Indian River County- Working Families

Historically, agriculture and tourism are Indian River County’s largest industries. These industries are complimented by an increasing number of firms in the healthcare and information technology industries along with a steady stream of light manufacturing and service sector jobs. However, the county’s unemployment rate has fluctuated dramatically in the last year, most likely because many of our citizens rely on seasonal employment.  Indian River County’s 5.4 percent jobless rate was tied for eighth-highest in the state, according to the U.S. Department of Labor’s June statistics.

According to the United Way, the median household income in Vero Beach is just about at the state’s average of $49,426. However, of the 55,494 households in the county, forty percent are either in poverty (11 percent) or earn more than the Federal Poverty Level but less than the basic cost of living for the county (29 percent). Due to high costs and factors often beyond their control, these families must live paycheck to paycheck. Who are these hardworking Indian River County families?  The United Way ALICE Report (2017) notes:

  • They are the laborers, clerical staff, mechanics, legal aids, and city workers who build and support our homes and businesses.
  • They are the workers fill our hospitals, doctors’ offices and homes as aides, orderlies, therapists, and even nurses who care for us and our families’ health.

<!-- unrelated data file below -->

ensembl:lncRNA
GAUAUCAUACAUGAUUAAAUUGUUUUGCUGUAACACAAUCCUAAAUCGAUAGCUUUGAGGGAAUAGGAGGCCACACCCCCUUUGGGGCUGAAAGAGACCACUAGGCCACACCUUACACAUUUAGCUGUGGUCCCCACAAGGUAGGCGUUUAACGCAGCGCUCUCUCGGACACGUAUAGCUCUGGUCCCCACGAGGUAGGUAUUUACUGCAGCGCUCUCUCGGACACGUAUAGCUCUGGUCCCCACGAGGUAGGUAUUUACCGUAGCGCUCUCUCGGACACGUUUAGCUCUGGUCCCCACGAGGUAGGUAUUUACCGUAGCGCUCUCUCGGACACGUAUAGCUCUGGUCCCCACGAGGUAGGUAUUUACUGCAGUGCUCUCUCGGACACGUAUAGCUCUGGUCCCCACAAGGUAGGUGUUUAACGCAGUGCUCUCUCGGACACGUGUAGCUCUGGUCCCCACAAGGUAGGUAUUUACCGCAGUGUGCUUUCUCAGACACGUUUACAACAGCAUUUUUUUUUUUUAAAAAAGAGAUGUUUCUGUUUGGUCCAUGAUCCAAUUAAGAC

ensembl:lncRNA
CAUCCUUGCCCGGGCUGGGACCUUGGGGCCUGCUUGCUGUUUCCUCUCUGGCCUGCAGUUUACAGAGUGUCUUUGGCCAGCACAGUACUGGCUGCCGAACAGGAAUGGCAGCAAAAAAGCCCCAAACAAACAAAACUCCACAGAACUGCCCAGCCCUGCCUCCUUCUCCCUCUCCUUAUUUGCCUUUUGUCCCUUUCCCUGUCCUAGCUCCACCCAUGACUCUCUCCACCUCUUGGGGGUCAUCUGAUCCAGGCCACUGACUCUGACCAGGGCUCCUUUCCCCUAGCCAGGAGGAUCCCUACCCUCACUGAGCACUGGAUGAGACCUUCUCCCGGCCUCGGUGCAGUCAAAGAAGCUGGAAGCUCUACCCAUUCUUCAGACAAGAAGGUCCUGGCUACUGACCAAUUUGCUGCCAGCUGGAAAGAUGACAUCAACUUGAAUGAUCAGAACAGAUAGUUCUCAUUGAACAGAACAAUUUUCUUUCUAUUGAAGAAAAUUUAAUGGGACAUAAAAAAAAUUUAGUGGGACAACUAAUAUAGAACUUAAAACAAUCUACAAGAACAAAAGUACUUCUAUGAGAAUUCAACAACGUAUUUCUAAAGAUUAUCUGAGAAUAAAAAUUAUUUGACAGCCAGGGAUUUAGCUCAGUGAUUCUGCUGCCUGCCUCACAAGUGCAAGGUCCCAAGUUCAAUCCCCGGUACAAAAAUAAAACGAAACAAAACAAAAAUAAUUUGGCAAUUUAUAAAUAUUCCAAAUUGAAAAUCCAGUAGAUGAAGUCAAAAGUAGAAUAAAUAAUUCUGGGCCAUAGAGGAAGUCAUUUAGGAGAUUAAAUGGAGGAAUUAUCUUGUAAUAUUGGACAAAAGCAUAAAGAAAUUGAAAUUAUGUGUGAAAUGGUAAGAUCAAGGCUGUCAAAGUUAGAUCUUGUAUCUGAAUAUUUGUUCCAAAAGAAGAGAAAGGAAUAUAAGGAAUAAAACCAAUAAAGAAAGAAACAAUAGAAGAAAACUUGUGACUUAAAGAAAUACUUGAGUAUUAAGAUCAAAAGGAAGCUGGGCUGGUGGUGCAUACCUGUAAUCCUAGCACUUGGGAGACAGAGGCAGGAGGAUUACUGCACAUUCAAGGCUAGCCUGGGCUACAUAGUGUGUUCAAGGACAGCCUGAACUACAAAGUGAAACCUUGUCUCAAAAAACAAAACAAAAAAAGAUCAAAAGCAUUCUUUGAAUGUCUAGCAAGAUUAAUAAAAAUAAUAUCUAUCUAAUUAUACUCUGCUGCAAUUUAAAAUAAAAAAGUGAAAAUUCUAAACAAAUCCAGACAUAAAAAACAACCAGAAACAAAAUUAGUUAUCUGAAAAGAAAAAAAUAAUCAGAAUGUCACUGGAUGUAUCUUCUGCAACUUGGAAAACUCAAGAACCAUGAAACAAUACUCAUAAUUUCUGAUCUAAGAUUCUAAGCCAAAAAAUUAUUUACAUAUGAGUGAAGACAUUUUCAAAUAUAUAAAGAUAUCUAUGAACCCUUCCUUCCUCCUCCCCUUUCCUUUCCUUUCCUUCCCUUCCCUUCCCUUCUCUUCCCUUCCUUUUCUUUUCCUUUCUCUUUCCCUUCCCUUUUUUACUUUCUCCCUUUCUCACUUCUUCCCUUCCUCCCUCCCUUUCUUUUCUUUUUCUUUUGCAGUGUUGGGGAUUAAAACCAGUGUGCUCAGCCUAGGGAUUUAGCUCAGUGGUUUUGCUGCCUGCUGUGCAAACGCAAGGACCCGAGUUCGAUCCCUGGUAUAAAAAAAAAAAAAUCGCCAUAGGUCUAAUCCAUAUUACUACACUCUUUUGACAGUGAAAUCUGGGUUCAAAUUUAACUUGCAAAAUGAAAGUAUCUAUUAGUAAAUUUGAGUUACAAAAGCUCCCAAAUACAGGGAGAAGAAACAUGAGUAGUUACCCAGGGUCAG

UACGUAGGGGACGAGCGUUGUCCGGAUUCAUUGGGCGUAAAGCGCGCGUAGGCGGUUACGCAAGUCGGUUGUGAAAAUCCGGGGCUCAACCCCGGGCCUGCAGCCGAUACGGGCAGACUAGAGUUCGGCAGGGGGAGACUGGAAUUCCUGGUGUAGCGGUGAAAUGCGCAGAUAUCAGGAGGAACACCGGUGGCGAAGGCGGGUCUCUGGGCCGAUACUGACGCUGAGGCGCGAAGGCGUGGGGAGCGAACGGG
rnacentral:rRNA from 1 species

• They are the workers who harvest, transport, package, and sell Florida produce around the state and the world.
  • They are the workers who shape our future workforce and leaders through their work in day care centers, public and private schools, libraries, community centers, and even our colleges and universities.

Children bring additional expenses to families. Thus, it is not surprising that many families with children live below the subsistence threshold. Most Indian River County families with children live in married families, however a greater percent of single-parent families have incomes below the threshold.

As the United Way warns,

“For many, a small emergency can quickly become a major financial crisis. Car repairs and health care emergencies, to name just a few, can plunge these working families over the edge into poverty and financial chaos. When this happens, families, employers, and our economy suffer.”

Democrats of Indian River County are working for working families.